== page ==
The canonical Gospels describe briefly the episode of the Nativity. It comprises three parts :
– The Preludes : the Journey to Bethlehem, the Census
– The Nativity
– The Announce to the Shepherds and the Adoration of the Magi
Only the Gospel according to Matthew (2, 1-12) speaks about the Adoration of the Magi. Staying vague about their number it does say they brought the newborn gold, incense and myrrh. The apocryphals, the fathers of the Church and many other authors have filled in the gaps of the evangelic tale. The sobriety and symbolic of the story have been a huge inspiration to artists. Although one of the oldest depictions of the Adoration of the Magi dates from the 2nd century the theme became very popular in Christian art during the late 14th century. One of the reasons explaining this success is that it celebrates both the Virgin and Christ at the same time.
This important walnut panel is carved in a strong relief and depicts the different steps of the story of Jesus’ birth.
On the left, the donkey and ox that have accompanied Mary and Joseph from Bethlehem are depicted behind a trough. On the thatch roof appears the star that would guide the magi to the place of birth of Jesus.
Mary is wearing a veil and is seating on a bed. She holds her baby at arm’s length to present him to the magi. Saint Joseph is by her side. The old man is holding a cane in his left hand while from the right hand he seems to uncover himself to greet the visitors.
A woman assists to the scene.
In front of the holy family the three magi stand behind one another to pay their homage to the newborn.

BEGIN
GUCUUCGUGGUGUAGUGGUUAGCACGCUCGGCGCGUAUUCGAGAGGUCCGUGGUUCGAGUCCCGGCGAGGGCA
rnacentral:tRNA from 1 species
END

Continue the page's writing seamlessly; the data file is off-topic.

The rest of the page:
The first magi has a pointed beard. He is already kneeling out of deference and has placed his crown to his feet. He gives the baby a hanap filled with gold coins. This is Melchior as the legend describes him with white hair and a long beard.
Caspar, the second magi bears a cup of incense. He is looking at the third magi and with his right hand he points to the star that has guided them there. He has a short beard and wears crakow shoes, breeches and a wide sleeved doublet.
Finally Balthazar, the elegant last magi proceeds proudly towards the holy family with his one hand on the saber’s hilt and the other holding a cup. He brings the divine child the myrrh. He probably just dismounted as the horse can be seen behind him.
The scene is set in a very detailed and narrative decor. In the right part of the panel the shepherd receive the announce of Jesus’ birth. An angel comes down from heaven with a scroll bearing the good news in his hands. The herding dog sleeps peacefully while sheeps graze. At the top of the cliff we notice the gilded sheeps enclosure.
The panel’s moulded frame is carved with a foliated decor. In it’s centre appears a coat-of-arms. It is the alliance of the three magi’s arms. Indeed as it was common for legendary figures the three of them received imaginaries coat-of-arms. Thus, on a field of azure stands a star for Melchior, a crescent for Caspar and a pennon for Balthazar.
This high-relief panel is undeniably the work of a very skilled and imaginative artist. This key moment in the New Testament is transposed to a contemporary environment thanks to the figures’ clothing and the rural daily life scene. This way the universal dimension of the episode is highlighted allowing a better understanding for the contemporaries.
The sculptor has represented the episodes of the Adoration of the Magi and the Announce to the Shepherd with great talent and numerous details giving life to a picturesque and narrative scene. The important traces of polychromy give those already very animated scenes a stronger pictorial power and a rich dynamism.
Because of the picturesque and familiar realism so dear to the artists of the late Medieval era, of the didactic function of this type of panel as well as the quality of the sculpture this piece is an astounding example of Burgundian art of the 15th century.
Louis Réau, Iconographie de l’Art chrétien, II/2, Presses Universitaires de France, Kraus Reprint, Millwood, 1988